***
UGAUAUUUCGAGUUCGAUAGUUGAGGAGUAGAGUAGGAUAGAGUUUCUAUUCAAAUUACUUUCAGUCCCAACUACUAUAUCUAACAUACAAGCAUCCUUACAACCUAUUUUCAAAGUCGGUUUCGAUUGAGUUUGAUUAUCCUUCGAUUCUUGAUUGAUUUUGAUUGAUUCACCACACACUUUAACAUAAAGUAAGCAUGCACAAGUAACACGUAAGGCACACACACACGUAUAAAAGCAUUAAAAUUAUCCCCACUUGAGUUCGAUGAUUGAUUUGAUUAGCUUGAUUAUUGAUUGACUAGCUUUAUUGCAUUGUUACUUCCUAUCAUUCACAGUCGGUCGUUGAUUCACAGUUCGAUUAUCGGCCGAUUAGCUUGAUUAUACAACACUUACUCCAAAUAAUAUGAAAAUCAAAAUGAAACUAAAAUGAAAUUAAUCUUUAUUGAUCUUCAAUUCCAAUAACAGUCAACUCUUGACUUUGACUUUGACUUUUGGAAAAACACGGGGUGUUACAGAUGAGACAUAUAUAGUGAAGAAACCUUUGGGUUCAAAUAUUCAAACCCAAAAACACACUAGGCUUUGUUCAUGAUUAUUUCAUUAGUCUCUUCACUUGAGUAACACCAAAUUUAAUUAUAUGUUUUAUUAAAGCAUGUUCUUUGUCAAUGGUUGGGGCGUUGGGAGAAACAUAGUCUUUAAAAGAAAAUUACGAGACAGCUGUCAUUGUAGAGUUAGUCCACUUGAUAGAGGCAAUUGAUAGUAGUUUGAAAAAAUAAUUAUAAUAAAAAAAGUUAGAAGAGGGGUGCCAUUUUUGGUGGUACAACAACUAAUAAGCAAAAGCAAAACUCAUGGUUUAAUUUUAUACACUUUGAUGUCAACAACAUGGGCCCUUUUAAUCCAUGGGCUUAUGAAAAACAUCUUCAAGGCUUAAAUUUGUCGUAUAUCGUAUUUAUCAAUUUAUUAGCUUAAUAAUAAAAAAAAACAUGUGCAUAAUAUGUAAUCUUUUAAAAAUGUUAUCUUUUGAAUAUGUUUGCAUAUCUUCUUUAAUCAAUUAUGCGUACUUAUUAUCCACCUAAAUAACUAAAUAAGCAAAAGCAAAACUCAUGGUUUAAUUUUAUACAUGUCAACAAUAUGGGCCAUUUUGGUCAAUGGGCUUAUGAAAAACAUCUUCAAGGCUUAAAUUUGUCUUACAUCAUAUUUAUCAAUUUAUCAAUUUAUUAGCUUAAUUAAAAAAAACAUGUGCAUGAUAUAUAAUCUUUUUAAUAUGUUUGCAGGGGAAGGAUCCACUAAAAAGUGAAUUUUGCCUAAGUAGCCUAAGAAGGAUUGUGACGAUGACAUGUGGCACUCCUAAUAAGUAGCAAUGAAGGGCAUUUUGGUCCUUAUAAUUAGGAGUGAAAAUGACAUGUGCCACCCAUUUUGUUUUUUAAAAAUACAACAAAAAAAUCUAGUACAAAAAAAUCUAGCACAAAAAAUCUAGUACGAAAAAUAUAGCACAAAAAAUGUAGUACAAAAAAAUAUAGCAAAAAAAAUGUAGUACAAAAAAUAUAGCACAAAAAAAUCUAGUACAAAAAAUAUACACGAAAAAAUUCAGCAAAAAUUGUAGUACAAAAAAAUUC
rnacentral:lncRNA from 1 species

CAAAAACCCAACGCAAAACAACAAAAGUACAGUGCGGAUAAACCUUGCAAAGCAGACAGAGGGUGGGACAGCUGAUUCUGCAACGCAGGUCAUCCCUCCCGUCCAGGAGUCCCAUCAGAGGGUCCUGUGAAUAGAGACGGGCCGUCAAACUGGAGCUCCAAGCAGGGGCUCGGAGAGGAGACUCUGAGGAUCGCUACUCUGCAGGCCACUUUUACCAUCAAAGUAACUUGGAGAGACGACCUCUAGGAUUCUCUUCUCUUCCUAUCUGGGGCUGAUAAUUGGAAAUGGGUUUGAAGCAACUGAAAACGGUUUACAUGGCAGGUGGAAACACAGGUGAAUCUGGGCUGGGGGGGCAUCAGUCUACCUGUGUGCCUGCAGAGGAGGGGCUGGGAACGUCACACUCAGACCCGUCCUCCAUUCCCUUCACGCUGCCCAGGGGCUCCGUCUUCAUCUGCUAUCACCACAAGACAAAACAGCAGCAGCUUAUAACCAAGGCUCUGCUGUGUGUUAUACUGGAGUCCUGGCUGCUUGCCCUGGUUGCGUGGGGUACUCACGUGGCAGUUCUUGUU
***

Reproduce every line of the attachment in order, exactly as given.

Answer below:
UGAUAUUUCGAGUUCGAUAGUUGAGGAGUAGAGUAGGAUAGAGUUUCUAUUCAAAUUACUUUCAGUCCCAACUACUAUAUCUAACAUACAAGCAUCCUUACAACCUAUUUUCAAAGUCGGUUUCGAUUGAGUUUGAUUAUCCUUCGAUUCUUGAUUGAUUUUGAUUGAUUCACCACACACUUUAACAUAAAGUAAGCAUGCACAAGUAACACGUAAGGCACACACACACGUAUAAAAGCAUUAAAAUUAUCCCCACUUGAGUUCGAUGAUUGAUUUGAUUAGCUUGAUUAUUGAUUGACUAGCUUUAUUGCAUUGUUACUUCCUAUCAUUCACAGUCGGUCGUUGAUUCACAGUUCGAUUAUCGGCCGAUUAGCUUGAUUAUACAACACUUACUCCAAAUAAUAUGAAAAUCAAAAUGAAACUAAAAUGAAAUUAAUCUUUAUUGAUCUUCAAUUCCAAUAACAGUCAACUCUUGACUUUGACUUUGACUUUUGGAAAAACACGGGGUGUUACAGAUGAGACAUAUAUAGUGAAGAAACCUUUGGGUUCAAAUAUUCAAACCCAAAAACACACUAGGCUUUGUUCAUGAUUAUUUCAUUAGUCUCUUCACUUGAGUAACACCAAAUUUAAUUAUAUGUUUUAUUAAAGCAUGUUCUUUGUCAAUGGUUGGGGCGUUGGGAGAAACAUAGUCUUUAAAAGAAAAUUACGAGACAGCUGUCAUUGUAGAGUUAGUCCACUUGAUAGAGGCAAUUGAUAGUAGUUUGAAAAAAUAAUUAUAAUAAAAAAAGUUAGAAGAGGGGUGCCAUUUUUGGUGGUACAACAACUAAUAAGCAAAAGCAAAACUCAUGGUUUAAUUUUAUACACUUUGAUGUCAACAACAUGGGCCCUUUUAAUCCAUGGGCUUAUGAAAAACAUCUUCAAGGCUUAAAUUUGUCGUAUAUCGUAUUUAUCAAUUUAUUAGCUUAAUAAUAAAAAAAAACAUGUGCAUAAUAUGUAAUCUUUUAAAAAUGUUAUCUUUUGAAUAUGUUUGCAUAUCUUCUUUAAUCAAUUAUGCGUACUUAUUAUCCACCUAAAUAACUAAAUAAGCAAAAGCAAAACUCAUGGUUUAAUUUUAUACAUGUCAACAAUAUGGGCCAUUUUGGUCAAUGGGCUUAUGAAAAACAUCUUCAAGGCUUAAAUUUGUCUUACAUCAUAUUUAUCAAUUUAUCAAUUUAUUAGCUUAAUUAAAAAAAACAUGUGCAUGAUAUAUAAUCUUUUUAAUAUGUUUGCAGGGGAAGGAUCCACUAAAAAGUGAAUUUUGCCUAAGUAGCCUAAGAAGGAUUGUGACGAUGACAUGUGGCACUCCUAAUAAGUAGCAAUGAAGGGCAUUUUGGUCCUUAUAAUUAGGAGUGAAAAUGACAUGUGCCACCCAUUUUGUUUUUUAAAAAUACAACAAAAAAAUCUAGUACAAAAAAAUCUAGCACAAAAAAUCUAGUACGAAAAAUAUAGCACAAAAAAUGUAGUACAAAAAAAUAUAGCAAAAAAAAUGUAGUACAAAAAAUAUAGCACAAAAAAAUCUAGUACAAAAAAUAUACACGAAAAAAUUCAGCAAAAAUUGUAGUACAAAAAAAUUC
rnacentral:lncRNA from 1 species

CAAAAACCCAACGCAAAACAACAAAAGUACAGUGCGGAUAAACCUUGCAAAGCAGACAGAGGGUGGGACAGCUGAUUCUGCAACGCAGGUCAUCCCUCCCGUCCAGGAGUCCCAUCAGAGGGUCCUGUGAAUAGAGACGGGCCGUCAAACUGGAGCUCCAAGCAGGGGCUCGGAGAGGAGACUCUGAGGAUCGCUACUCUGCAGGCCACUUUUACCAUCAAAGUAACUUGGAGAGACGACCUCUAGGAUUCUCUUCUCUUCCUAUCUGGGGCUGAUAAUUGGAAAUGGGUUUGAAGCAACUGAAAACGGUUUACAUGGCAGGUGGAAACACAGGUGAAUCUGGGCUGGGGGGGCAUCAGUCUACCUGUGUGCCUGCAGAGGAGGGGCUGGGAACGUCACACUCAGACCCGUCCUCCAUUCCCUUCACGCUGCCCAGGGGCUCCGUCUUCAUCUGCUAUCACCACAAGACAAAACAGCAGCAGCUUAUAACCAAGGCUCUGCUGUGUGUUAUACUGGAGUCCUGGCUGCUUGCCCUGGUUGCGUGGGGUACUCACGUGGCAGUUCUUGUU